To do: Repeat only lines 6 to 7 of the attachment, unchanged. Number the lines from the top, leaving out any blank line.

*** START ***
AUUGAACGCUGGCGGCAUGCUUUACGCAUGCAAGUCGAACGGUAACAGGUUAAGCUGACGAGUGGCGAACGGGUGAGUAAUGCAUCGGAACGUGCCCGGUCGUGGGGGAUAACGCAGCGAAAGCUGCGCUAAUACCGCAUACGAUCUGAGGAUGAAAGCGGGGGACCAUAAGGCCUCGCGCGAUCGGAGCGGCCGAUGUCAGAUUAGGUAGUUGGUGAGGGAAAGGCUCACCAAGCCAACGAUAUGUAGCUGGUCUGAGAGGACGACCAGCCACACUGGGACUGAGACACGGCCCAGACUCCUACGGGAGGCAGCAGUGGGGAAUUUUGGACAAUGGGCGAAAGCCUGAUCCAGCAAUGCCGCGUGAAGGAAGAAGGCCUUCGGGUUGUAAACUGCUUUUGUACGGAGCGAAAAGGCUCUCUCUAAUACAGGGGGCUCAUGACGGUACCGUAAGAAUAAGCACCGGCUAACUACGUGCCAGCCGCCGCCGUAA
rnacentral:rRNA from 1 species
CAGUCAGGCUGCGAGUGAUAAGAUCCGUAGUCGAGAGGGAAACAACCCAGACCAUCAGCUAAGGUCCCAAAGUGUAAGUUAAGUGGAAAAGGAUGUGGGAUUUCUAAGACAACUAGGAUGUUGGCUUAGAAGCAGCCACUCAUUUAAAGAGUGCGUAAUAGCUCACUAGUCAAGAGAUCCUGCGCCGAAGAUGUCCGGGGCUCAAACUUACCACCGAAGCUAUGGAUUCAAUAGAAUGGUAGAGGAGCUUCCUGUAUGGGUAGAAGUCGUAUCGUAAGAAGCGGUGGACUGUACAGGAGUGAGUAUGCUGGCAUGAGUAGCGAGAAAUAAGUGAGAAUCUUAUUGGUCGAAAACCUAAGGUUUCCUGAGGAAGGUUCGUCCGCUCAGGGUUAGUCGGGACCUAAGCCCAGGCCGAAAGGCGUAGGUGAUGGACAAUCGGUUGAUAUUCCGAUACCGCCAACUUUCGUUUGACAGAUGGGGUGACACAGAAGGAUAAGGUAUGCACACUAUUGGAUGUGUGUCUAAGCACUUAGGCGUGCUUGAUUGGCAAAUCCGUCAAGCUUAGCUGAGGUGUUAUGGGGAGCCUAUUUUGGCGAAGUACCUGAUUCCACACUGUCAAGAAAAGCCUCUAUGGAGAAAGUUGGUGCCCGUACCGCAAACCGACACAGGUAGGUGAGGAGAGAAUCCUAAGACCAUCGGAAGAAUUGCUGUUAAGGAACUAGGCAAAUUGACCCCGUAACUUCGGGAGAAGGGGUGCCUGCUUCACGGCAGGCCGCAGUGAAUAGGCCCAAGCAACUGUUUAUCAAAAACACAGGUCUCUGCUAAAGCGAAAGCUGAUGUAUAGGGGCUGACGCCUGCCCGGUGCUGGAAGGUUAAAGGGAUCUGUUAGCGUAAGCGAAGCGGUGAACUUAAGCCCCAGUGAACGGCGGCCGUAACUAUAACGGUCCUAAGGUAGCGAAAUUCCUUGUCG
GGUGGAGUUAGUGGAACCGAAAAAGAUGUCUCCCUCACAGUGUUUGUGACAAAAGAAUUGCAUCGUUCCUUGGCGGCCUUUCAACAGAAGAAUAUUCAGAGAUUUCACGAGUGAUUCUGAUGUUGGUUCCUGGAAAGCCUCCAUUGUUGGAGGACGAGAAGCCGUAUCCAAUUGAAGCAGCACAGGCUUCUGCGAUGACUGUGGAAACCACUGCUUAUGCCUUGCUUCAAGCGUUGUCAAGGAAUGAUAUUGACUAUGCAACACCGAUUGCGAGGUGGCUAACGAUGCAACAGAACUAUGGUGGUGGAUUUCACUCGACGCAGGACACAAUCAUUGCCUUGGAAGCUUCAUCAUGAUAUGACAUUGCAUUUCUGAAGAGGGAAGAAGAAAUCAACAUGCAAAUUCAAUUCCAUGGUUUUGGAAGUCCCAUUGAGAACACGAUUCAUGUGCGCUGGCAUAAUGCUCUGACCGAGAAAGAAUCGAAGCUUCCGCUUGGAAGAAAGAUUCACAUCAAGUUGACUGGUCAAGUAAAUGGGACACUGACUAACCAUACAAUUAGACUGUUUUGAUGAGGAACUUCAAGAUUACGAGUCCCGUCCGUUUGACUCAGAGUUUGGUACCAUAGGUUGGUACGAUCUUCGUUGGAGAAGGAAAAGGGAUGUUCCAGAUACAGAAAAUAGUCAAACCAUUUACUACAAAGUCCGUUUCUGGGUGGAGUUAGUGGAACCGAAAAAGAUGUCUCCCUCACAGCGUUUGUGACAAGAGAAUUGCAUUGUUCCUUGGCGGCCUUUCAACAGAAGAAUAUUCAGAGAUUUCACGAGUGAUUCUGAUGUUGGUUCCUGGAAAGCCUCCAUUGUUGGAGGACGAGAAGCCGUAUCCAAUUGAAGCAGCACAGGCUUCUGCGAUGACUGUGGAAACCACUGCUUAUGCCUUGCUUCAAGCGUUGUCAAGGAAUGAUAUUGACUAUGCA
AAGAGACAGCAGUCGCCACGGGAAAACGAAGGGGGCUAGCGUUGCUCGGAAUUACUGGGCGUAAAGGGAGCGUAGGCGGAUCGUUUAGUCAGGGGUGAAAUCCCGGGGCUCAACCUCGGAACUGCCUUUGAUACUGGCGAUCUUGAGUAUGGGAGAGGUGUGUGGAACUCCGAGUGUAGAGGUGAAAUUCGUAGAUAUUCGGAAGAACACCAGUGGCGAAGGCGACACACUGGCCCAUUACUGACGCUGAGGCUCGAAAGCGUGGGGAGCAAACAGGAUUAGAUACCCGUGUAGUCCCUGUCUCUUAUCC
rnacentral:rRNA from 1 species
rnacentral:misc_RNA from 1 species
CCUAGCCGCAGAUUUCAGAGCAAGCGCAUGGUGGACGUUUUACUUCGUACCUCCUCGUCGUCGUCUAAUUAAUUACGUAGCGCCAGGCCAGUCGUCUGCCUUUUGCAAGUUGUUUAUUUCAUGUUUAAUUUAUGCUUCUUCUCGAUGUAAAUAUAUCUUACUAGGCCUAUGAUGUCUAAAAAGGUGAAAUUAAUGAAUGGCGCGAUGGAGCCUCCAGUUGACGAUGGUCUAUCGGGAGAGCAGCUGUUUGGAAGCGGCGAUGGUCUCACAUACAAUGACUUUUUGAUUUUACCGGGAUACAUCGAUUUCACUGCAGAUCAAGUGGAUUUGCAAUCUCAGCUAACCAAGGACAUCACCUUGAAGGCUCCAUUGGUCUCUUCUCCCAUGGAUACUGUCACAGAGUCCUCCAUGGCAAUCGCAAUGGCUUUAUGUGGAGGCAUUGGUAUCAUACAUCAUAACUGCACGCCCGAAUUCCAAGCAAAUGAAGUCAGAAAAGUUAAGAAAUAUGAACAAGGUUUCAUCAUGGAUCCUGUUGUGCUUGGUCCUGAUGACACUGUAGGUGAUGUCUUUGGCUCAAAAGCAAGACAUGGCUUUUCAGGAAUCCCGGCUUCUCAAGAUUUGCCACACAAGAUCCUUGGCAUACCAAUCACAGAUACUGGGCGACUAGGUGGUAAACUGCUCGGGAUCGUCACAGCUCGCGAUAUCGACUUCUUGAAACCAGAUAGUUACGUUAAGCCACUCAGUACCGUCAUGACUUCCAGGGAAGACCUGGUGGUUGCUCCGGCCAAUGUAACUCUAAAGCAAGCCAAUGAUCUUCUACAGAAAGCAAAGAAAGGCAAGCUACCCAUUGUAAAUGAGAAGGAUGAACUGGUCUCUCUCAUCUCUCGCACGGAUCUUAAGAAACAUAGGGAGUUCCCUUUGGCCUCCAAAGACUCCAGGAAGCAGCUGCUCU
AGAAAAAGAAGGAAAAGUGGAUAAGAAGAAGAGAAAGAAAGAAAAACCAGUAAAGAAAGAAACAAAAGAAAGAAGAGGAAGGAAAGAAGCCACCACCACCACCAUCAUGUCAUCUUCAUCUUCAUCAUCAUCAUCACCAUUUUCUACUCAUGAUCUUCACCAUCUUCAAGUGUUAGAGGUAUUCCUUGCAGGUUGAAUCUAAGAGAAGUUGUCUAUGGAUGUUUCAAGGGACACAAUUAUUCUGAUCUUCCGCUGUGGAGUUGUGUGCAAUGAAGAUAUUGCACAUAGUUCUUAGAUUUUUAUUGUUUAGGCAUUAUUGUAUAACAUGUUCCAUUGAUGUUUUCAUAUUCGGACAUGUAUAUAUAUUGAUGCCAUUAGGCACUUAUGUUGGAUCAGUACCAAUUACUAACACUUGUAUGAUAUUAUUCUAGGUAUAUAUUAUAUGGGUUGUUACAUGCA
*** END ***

rnacentral:rRNA from 1 species
rnacentral:misc_RNA from 1 species